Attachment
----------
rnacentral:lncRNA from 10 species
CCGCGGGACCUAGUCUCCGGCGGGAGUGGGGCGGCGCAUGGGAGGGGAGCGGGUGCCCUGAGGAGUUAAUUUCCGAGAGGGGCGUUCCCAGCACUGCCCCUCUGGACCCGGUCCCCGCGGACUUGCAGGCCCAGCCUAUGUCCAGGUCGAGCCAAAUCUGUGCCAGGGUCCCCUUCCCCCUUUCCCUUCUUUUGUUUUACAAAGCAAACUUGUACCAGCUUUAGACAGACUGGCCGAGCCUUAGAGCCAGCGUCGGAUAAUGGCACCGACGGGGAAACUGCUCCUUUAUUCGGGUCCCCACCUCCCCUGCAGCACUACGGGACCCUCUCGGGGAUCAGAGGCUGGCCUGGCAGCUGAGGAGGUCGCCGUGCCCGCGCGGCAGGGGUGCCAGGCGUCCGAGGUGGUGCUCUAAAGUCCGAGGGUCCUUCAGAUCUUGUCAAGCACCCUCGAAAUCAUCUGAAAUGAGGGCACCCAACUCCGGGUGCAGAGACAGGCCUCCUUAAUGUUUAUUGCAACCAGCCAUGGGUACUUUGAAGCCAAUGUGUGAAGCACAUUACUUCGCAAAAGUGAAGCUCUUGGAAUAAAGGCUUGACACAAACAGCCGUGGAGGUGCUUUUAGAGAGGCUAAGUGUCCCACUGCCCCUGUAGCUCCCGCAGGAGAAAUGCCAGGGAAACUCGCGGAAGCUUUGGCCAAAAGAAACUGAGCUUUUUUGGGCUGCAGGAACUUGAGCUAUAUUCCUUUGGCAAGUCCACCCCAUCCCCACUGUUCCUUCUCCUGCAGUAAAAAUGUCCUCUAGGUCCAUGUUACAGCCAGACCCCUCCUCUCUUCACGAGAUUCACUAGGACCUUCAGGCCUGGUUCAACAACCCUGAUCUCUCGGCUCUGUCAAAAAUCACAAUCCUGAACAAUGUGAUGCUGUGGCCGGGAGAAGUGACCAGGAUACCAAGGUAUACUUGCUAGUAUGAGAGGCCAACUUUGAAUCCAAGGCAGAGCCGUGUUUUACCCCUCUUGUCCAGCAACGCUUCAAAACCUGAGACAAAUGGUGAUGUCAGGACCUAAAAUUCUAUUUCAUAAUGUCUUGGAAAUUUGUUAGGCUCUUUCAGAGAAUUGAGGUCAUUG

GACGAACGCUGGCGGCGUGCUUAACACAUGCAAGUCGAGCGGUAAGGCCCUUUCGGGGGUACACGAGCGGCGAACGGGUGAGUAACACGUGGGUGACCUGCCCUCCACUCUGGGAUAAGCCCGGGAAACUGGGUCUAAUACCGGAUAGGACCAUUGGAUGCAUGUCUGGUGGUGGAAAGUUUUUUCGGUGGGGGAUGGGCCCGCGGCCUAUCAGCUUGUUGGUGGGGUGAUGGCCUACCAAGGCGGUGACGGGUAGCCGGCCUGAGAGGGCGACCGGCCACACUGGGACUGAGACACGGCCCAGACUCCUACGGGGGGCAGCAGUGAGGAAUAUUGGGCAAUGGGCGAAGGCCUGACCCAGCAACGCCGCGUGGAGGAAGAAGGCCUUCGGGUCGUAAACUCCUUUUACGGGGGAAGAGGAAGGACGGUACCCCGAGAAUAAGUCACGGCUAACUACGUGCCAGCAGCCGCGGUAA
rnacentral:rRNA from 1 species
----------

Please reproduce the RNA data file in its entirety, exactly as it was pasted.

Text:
rnacentral:lncRNA from 10 species
CCGCGGGACCUAGUCUCCGGCGGGAGUGGGGCGGCGCAUGGGAGGGGAGCGGGUGCCCUGAGGAGUUAAUUUCCGAGAGGGGCGUUCCCAGCACUGCCCCUCUGGACCCGGUCCCCGCGGACUUGCAGGCCCAGCCUAUGUCCAGGUCGAGCCAAAUCUGUGCCAGGGUCCCCUUCCCCCUUUCCCUUCUUUUGUUUUACAAAGCAAACUUGUACCAGCUUUAGACAGACUGGCCGAGCCUUAGAGCCAGCGUCGGAUAAUGGCACCGACGGGGAAACUGCUCCUUUAUUCGGGUCCCCACCUCCCCUGCAGCACUACGGGACCCUCUCGGGGAUCAGAGGCUGGCCUGGCAGCUGAGGAGGUCGCCGUGCCCGCGCGGCAGGGGUGCCAGGCGUCCGAGGUGGUGCUCUAAAGUCCGAGGGUCCUUCAGAUCUUGUCAAGCACCCUCGAAAUCAUCUGAAAUGAGGGCACCCAACUCCGGGUGCAGAGACAGGCCUCCUUAAUGUUUAUUGCAACCAGCCAUGGGUACUUUGAAGCCAAUGUGUGAAGCACAUUACUUCGCAAAAGUGAAGCUCUUGGAAUAAAGGCUUGACACAAACAGCCGUGGAGGUGCUUUUAGAGAGGCUAAGUGUCCCACUGCCCCUGUAGCUCCCGCAGGAGAAAUGCCAGGGAAACUCGCGGAAGCUUUGGCCAAAAGAAACUGAGCUUUUUUGGGCUGCAGGAACUUGAGCUAUAUUCCUUUGGCAAGUCCACCCCAUCCCCACUGUUCCUUCUCCUGCAGUAAAAAUGUCCUCUAGGUCCAUGUUACAGCCAGACCCCUCCUCUCUUCACGAGAUUCACUAGGACCUUCAGGCCUGGUUCAACAACCCUGAUCUCUCGGCUCUGUCAAAAAUCACAAUCCUGAACAAUGUGAUGCUGUGGCCGGGAGAAGUGACCAGGAUACCAAGGUAUACUUGCUAGUAUGAGAGGCCAACUUUGAAUCCAAGGCAGAGCCGUGUUUUACCCCUCUUGUCCAGCAACGCUUCAAAACCUGAGACAAAUGGUGAUGUCAGGACCUAAAAUUCUAUUUCAUAAUGUCUUGGAAAUUUGUUAGGCUCUUUCAGAGAAUUGAGGUCAUUG

GACGAACGCUGGCGGCGUGCUUAACACAUGCAAGUCGAGCGGUAAGGCCCUUUCGGGGGUACACGAGCGGCGAACGGGUGAGUAACACGUGGGUGACCUGCCCUCCACUCUGGGAUAAGCCCGGGAAACUGGGUCUAAUACCGGAUAGGACCAUUGGAUGCAUGUCUGGUGGUGGAAAGUUUUUUCGGUGGGGGAUGGGCCCGCGGCCUAUCAGCUUGUUGGUGGGGUGAUGGCCUACCAAGGCGGUGACGGGUAGCCGGCCUGAGAGGGCGACCGGCCACACUGGGACUGAGACACGGCCCAGACUCCUACGGGGGGCAGCAGUGAGGAAUAUUGGGCAAUGGGCGAAGGCCUGACCCAGCAACGCCGCGUGGAGGAAGAAGGCCUUCGGGUCGUAAACUCCUUUUACGGGGGAAGAGGAAGGACGGUACCCCGAGAAUAAGUCACGGCUAACUACGUGCCAGCAGCCGCGGUAA
rnacentral:rRNA from 1 species